Sixty years ago today, one of the great drives of all time -- Land Rover -- made its first public appearance, at a motor show in Amsterdam. A year later, it went to work for the British Army.
It was an early version of the beefy go-anywhere vehicle, then known as a Series 1. The 1948 Land Rover had a canvas roof, held down with cleats and ties, and a reputation for enjoying mud, rock, ice, sand, and blazing forest trails.
The canvas roof is gone now, except for Land Rovers in use in Africa safari tours as wildlife viewing vehicles. But the love of mud, rock, ice, sand and bushwacking through the forest -- that remains.
Land Rover has come a long way in 60 years. Luxury wasn't part of the design back then. Today, it is known for being both luxurious and tough. And it's still blazing trails, with some revolutionary technology.
Land Rover's patented Terrain Response system is a simple -- for the driver -- knob on the console. Turn it to the icon that indicates your specific driving condition, and the onboard computer adjusts the vehicle's traction and acceleration systems to match it.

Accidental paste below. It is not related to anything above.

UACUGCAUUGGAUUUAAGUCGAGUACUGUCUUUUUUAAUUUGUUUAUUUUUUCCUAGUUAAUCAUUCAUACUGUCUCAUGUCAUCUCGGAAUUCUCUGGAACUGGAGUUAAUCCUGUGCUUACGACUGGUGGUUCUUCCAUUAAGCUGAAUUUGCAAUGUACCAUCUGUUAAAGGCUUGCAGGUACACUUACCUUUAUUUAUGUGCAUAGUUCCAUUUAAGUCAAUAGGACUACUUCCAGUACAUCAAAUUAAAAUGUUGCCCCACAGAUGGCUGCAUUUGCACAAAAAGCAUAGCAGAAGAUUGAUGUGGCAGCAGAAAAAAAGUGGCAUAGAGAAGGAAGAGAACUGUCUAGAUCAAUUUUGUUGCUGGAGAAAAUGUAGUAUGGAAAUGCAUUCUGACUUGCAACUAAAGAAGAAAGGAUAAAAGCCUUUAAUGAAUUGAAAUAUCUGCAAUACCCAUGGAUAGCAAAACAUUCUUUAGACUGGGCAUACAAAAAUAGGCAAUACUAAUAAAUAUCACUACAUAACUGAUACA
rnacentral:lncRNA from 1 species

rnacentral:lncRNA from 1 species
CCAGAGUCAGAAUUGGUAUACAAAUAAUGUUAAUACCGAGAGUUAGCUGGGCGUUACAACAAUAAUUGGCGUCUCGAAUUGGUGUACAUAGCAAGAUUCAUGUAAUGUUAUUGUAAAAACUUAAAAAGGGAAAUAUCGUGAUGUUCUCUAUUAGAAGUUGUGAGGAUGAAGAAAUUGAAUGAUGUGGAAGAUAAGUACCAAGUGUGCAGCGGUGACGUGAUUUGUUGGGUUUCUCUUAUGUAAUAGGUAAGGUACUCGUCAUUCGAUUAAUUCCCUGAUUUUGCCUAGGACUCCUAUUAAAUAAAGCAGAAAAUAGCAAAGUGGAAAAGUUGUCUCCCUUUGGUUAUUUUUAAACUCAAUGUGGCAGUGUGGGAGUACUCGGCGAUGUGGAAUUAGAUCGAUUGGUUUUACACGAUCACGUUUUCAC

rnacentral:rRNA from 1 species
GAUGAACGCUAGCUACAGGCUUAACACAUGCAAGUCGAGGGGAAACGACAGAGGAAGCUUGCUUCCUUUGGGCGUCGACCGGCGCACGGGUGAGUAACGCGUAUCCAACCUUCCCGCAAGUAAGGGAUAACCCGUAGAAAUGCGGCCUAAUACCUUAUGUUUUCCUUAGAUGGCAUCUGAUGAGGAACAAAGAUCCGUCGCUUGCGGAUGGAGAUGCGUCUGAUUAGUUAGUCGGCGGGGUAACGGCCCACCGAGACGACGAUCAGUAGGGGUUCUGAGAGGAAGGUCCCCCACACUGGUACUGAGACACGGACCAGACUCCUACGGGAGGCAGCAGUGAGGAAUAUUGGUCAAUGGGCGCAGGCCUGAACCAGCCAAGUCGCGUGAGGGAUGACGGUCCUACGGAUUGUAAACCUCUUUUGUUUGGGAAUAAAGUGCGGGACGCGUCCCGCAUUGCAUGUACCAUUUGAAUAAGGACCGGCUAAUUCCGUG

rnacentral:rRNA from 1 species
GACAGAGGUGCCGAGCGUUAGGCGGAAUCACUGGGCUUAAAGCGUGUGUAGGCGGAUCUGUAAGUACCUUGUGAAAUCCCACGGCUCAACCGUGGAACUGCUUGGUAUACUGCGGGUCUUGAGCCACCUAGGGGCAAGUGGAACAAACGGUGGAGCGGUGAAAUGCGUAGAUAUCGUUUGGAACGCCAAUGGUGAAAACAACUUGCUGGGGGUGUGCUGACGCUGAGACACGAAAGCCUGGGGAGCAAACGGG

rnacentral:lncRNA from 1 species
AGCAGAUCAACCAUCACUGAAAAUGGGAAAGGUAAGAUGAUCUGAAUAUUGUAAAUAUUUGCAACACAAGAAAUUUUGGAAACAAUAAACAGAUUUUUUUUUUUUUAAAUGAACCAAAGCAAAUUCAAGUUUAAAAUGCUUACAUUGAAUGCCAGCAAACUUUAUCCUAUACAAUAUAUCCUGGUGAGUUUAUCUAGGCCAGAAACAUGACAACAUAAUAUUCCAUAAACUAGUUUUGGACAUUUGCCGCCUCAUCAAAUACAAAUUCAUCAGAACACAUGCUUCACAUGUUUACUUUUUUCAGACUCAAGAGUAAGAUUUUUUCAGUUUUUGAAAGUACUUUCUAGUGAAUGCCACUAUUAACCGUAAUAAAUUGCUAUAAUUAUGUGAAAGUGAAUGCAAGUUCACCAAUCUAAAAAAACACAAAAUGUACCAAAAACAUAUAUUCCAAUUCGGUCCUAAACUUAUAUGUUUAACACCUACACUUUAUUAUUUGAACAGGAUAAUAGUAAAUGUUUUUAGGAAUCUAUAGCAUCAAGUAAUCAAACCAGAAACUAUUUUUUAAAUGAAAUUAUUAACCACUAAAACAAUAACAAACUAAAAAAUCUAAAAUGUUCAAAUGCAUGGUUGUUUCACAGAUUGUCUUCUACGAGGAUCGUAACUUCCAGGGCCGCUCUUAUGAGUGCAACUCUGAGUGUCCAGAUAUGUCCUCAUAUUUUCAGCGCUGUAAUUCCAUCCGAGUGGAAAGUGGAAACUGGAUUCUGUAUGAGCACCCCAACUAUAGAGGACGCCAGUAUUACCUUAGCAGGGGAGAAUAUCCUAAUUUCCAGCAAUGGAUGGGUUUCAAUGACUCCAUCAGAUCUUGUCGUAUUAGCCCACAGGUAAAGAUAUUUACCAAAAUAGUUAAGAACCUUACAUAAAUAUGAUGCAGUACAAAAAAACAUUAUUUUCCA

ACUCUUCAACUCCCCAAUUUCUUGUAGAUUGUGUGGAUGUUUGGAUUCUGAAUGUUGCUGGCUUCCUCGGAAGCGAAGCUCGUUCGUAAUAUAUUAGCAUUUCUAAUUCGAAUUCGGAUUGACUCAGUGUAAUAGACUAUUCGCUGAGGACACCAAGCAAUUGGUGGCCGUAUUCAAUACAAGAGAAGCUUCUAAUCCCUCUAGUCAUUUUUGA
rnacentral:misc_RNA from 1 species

I've driven Land Rovers over an oxygen-deprived 16,000 foot pass in Argentina, across a muddy track in Vermont, and over a bridge that was no more than four lashed-together logs. Each time I depended on the Terrain Response system to know -- more than me -- just how much torque and how much braking is needed.
And, I've marvelled at Hill Descent Control, basically a half gear below first gear -- that takes the truck safely down a steep hill. Take your foot off the gas, and the Land Rover concentrates on speed and braking, so you -- the driver -- can concentrate on steering. Did I say speed? Wrong word -- I meant crawl.
Land Rover produces more than 200,000, vehicles a year from its factories near Liverpool and Birmingham, England.
Many of those vehicles have seen hard core service saving lives -- Land Rovers are the vehicle of choice for such humanitarian and animal and earth conservation organizations as Born Free Foundation, Biosphere, Earthwatch, the Royal Geographical Society, and the China Exploration and Research Society.
And there's more innovation in the pipeline. Land Rover engineers are working on a diesel hybrid -- the LRX concept vehicle. That's the vehicle in the photo, above. The LRX concept was on display at the 2008 New York Auto Show in March.
Land Rover -- most definitely one of the world's great drives.